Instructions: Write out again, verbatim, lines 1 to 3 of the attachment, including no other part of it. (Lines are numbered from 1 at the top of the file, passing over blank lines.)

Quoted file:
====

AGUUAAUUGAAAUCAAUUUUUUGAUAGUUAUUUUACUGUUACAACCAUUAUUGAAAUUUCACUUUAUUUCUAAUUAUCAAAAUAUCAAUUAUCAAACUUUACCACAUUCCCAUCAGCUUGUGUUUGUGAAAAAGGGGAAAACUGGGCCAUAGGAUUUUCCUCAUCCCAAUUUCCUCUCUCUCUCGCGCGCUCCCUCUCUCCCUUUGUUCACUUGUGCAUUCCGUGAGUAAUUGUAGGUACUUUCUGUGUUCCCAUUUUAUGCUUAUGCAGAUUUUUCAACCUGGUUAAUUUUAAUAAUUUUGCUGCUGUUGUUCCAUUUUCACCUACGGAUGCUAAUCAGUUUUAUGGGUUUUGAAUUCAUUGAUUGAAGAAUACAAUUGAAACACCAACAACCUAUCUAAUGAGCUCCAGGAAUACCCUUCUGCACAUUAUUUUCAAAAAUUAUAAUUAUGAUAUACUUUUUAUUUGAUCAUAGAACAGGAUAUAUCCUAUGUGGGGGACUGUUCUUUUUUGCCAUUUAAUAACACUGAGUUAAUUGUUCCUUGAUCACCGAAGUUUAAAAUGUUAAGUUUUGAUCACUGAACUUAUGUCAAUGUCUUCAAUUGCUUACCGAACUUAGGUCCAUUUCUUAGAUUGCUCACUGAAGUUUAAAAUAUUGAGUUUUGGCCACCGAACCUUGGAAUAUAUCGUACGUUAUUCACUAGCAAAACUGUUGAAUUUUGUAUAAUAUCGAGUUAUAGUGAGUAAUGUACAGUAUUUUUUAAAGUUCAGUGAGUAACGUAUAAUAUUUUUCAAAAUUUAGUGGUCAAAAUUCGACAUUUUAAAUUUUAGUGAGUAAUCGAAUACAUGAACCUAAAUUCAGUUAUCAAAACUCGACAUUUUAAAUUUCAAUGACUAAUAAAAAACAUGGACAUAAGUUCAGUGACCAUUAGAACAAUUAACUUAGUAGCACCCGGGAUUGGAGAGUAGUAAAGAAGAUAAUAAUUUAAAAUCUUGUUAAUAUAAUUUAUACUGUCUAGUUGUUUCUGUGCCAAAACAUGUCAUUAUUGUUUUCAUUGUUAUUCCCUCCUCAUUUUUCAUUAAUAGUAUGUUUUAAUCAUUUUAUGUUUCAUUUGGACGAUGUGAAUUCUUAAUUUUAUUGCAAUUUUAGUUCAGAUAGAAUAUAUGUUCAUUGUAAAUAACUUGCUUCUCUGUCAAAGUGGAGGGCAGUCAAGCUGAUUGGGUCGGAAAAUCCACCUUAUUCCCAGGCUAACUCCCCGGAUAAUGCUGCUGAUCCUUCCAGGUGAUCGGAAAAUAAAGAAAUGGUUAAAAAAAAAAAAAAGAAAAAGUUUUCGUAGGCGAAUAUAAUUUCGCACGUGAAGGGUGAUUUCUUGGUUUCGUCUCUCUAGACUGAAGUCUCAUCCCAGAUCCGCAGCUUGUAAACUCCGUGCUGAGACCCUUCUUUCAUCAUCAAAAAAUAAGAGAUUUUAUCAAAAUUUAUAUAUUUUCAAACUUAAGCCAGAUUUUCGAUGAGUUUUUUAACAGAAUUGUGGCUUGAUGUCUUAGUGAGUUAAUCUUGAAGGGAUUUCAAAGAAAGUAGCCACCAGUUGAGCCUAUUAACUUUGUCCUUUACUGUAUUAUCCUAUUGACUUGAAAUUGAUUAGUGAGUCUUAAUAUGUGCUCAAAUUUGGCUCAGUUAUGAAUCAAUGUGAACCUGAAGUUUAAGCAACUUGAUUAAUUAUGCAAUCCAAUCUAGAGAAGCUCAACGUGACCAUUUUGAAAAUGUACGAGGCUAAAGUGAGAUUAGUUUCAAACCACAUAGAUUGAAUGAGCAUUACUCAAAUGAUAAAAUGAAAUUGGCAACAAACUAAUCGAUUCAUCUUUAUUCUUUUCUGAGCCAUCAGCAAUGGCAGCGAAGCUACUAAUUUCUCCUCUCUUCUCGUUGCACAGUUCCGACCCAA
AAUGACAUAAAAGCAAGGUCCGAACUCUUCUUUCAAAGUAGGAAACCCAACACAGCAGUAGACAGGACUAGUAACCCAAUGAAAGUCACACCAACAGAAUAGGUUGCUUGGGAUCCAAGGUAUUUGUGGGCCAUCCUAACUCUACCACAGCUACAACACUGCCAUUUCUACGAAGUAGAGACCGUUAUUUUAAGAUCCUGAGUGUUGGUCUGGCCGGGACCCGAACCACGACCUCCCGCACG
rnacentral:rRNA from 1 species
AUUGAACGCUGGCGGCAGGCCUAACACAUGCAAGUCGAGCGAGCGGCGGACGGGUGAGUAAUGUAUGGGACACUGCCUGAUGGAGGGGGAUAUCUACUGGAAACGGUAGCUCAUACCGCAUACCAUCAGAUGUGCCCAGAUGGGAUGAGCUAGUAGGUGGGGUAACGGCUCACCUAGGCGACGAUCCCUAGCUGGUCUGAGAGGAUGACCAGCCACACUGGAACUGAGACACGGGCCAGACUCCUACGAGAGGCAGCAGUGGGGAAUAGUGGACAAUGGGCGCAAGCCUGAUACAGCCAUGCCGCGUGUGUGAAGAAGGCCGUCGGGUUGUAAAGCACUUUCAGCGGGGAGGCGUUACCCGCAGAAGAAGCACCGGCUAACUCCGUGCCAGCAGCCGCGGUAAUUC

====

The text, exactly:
AGUUAAUUGAAAUCAAUUUUUUGAUAGUUAUUUUACUGUUACAACCAUUAUUGAAAUUUCACUUUAUUUCUAAUUAUCAAAAUAUCAAUUAUCAAACUUUACCACAUUCCCAUCAGCUUGUGUUUGUGAAAAAGGGGAAAACUGGGCCAUAGGAUUUUCCUCAUCCCAAUUUCCUCUCUCUCUCGCGCGCUCCCUCUCUCCCUUUGUUCACUUGUGCAUUCCGUGAGUAAUUGUAGGUACUUUCUGUGUUCCCAUUUUAUGCUUAUGCAGAUUUUUCAACCUGGUUAAUUUUAAUAAUUUUGCUGCUGUUGUUCCAUUUUCACCUACGGAUGCUAAUCAGUUUUAUGGGUUUUGAAUUCAUUGAUUGAAGAAUACAAUUGAAACACCAACAACCUAUCUAAUGAGCUCCAGGAAUACCCUUCUGCACAUUAUUUUCAAAAAUUAUAAUUAUGAUAUACUUUUUAUUUGAUCAUAGAACAGGAUAUAUCCUAUGUGGGGGACUGUUCUUUUUUGCCAUUUAAUAACACUGAGUUAAUUGUUCCUUGAUCACCGAAGUUUAAAAUGUUAAGUUUUGAUCACUGAACUUAUGUCAAUGUCUUCAAUUGCUUACCGAACUUAGGUCCAUUUCUUAGAUUGCUCACUGAAGUUUAAAAUAUUGAGUUUUGGCCACCGAACCUUGGAAUAUAUCGUACGUUAUUCACUAGCAAAACUGUUGAAUUUUGUAUAAUAUCGAGUUAUAGUGAGUAAUGUACAGUAUUUUUUAAAGUUCAGUGAGUAACGUAUAAUAUUUUUCAAAAUUUAGUGGUCAAAAUUCGACAUUUUAAAUUUUAGUGAGUAAUCGAAUACAUGAACCUAAAUUCAGUUAUCAAAACUCGACAUUUUAAAUUUCAAUGACUAAUAAAAAACAUGGACAUAAGUUCAGUGACCAUUAGAACAAUUAACUUAGUAGCACCCGGGAUUGGAGAGUAGUAAAGAAGAUAAUAAUUUAAAAUCUUGUUAAUAUAAUUUAUACUGUCUAGUUGUUUCUGUGCCAAAACAUGUCAUUAUUGUUUUCAUUGUUAUUCCCUCCUCAUUUUUCAUUAAUAGUAUGUUUUAAUCAUUUUAUGUUUCAUUUGGACGAUGUGAAUUCUUAAUUUUAUUGCAAUUUUAGUUCAGAUAGAAUAUAUGUUCAUUGUAAAUAACUUGCUUCUCUGUCAAAGUGGAGGGCAGUCAAGCUGAUUGGGUCGGAAAAUCCACCUUAUUCCCAGGCUAACUCCCCGGAUAAUGCUGCUGAUCCUUCCAGGUGAUCGGAAAAUAAAGAAAUGGUUAAAAAAAAAAAAAAGAAAAAGUUUUCGUAGGCGAAUAUAAUUUCGCACGUGAAGGGUGAUUUCUUGGUUUCGUCUCUCUAGACUGAAGUCUCAUCCCAGAUCCGCAGCUUGUAAACUCCGUGCUGAGACCCUUCUUUCAUCAUCAAAAAAUAAGAGAUUUUAUCAAAAUUUAUAUAUUUUCAAACUUAAGCCAGAUUUUCGAUGAGUUUUUUAACAGAAUUGUGGCUUGAUGUCUUAGUGAGUUAAUCUUGAAGGGAUUUCAAAGAAAGUAGCCACCAGUUGAGCCUAUUAACUUUGUCCUUUACUGUAUUAUCCUAUUGACUUGAAAUUGAUUAGUGAGUCUUAAUAUGUGCUCAAAUUUGGCUCAGUUAUGAAUCAAUGUGAACCUGAAGUUUAAGCAACUUGAUUAAUUAUGCAAUCCAAUCUAGAGAAGCUCAACGUGACCAUUUUGAAAAUGUACGAGGCUAAAGUGAGAUUAGUUUCAAACCACAUAGAUUGAAUGAGCAUUACUCAAAUGAUAAAAUGAAAUUGGCAACAAACUAAUCGAUUCAUCUUUAUUCUUUUCUGAGCCAUCAGCAAUGGCAGCGAAGCUACUAAUUUCUCCUCUCUUCUCGUUGCACAGUUCCGACCCAA
AAUGACAUAAAAGCAAGGUCCGAACUCUUCUUUCAAAGUAGGAAACCCAACACAGCAGUAGACAGGACUAGUAACCCAAUGAAAGUCACACCAACAGAAUAGGUUGCUUGGGAUCCAAGGUAUUUGUGGGCCAUCCUAACUCUACCACAGCUACAACACUGCCAUUUCUACGAAGUAGAGACCGUUAUUUUAAGAUCCUGAGUGUUGGUCUGGCCGGGACCCGAACCACGACCUCCCGCACG
rnacentral:rRNA from 1 species